Theater Review: 'Our Town,' Weston Playhouse | Theater | Seven Days | Vermont's Independent Voice

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Theater Review: 'Our Town,' Weston Playhouse


Published June 27, 2018 at 10:00 a.m.
Updated June 27, 2018 at 2:39 p.m.

Christopher Lloyd (center) and cast of Our Town - COURTESY OF HUBERT SCHRIEBL
  • Courtesy Of Hubert Schriebl
  • Christopher Lloyd (center) and cast of Our Town

In 1937, Thornton Wilder was writing Our Town at the MacDowell Colony in Peterborough, N.H. About an hour away, the Weston Playhouse marked its first year as a professional theater. The play that uses a small town to reveal large ideas was last performed at Weston in 1973 with Sam Lloyd Sr. playing the Stage Manager. In that role in the current production is his brother, Christopher Lloyd (Back to the Future, "Taxi").

This production brings out the play's abundant humor and warmth. Director Steve Stettler, retiring after 30 years as Weston's producing artistic director, has made his final project one that celebrates the playhouse and the town of Weston itself. The cast includes acting company regulars and newcomers. Stettler puts the actors in modern dress and populates the play's mythical Grover's Corners with a cast of racial and ethnic diversity.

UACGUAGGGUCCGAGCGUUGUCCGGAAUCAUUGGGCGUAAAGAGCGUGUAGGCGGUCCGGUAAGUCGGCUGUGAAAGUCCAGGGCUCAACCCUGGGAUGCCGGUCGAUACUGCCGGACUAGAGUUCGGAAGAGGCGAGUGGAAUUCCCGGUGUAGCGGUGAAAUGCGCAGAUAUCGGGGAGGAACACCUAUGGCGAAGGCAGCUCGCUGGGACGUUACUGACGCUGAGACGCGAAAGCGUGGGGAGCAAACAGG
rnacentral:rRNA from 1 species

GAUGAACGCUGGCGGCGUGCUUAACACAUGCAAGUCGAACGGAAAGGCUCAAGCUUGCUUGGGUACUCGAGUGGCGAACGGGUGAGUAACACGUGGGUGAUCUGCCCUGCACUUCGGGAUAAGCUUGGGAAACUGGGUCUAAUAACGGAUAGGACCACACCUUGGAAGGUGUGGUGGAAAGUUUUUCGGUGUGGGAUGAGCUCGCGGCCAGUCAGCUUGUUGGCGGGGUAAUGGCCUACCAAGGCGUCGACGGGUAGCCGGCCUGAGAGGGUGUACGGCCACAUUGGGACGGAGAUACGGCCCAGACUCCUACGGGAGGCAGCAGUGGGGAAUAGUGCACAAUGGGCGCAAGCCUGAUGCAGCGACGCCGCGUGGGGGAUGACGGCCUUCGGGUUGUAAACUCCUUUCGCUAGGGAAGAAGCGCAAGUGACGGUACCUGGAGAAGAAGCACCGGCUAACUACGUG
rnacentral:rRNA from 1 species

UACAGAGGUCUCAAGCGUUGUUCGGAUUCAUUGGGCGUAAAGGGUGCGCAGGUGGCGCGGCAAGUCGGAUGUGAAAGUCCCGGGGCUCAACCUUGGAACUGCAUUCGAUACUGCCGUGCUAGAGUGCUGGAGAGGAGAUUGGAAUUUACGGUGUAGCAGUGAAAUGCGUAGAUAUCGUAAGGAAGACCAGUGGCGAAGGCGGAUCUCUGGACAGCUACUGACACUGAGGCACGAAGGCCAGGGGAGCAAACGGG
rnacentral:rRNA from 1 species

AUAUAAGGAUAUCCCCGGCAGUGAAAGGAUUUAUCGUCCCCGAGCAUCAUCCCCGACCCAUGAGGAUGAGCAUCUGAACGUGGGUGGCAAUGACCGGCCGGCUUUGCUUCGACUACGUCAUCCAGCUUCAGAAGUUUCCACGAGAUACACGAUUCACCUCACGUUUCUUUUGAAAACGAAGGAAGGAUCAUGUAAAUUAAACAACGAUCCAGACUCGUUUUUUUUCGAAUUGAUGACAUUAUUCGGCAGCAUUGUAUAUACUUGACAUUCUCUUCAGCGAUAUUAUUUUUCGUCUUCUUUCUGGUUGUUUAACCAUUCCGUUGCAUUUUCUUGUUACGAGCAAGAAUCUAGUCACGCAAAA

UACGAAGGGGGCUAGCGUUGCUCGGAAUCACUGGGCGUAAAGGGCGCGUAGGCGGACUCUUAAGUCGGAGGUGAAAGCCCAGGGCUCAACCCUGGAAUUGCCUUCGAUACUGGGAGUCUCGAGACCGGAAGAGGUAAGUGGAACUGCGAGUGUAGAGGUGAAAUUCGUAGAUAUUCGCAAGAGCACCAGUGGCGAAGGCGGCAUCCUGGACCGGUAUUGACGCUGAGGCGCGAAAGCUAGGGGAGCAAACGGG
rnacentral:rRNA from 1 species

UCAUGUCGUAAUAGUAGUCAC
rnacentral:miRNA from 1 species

The events in Our Town couldn't be more commonplace. A town's milkman, constable and paperboy go about the most routine moments of their lives. The newspaper editor mows his lawn. The doctor's wife feeds her chickens. The choir director shuffles home, drunk, still guarding the grief that will later lead him to suicide. And two high school kids decide to spend the rest of their lives together after sipping ice cream sodas at the drugstore.

The story is about our common milestones: birth, graduation, marriage, death. These moments are intensely personal yet universal, and Wilder uses them to show humanity's common shape, and how the ordinary becomes transcendent when seen from a little distance.

To gain that perspective, Wilder places the story not so much in Grover's Corners as in the theater itself. The Stage Manager acts as narrator and takes up small roles. He speaks to the audience with knowledge of the characters' entire lives, and this perspective quietly invites viewers to see the world around them more fully, as well.

Stettler stages the action with every inch of the playhouse visible, letting viewers create Grover's Corners inside it. The old radiators on the stage's back wall are laid bare, the lighting grid exposed. The actors enter through the house, summoned by the Stage Manager, who's been watching as theatergoers take their seats. Putting attention on the source of theatrical artifice dissolves the enchantment and lets another magic bubble up: the audience's imagination.

The town is small, but Wilder shrinks it smaller still by concentrating on the Gibbs and Webb families, next-door neighbors. George Gibbs is a high school baseball star and son of the town doctor and his wise wife. Emily Webb gives impressive class speeches about such things as the Louisiana Purchase and is the daughter of the newspaper editor and his wise wife.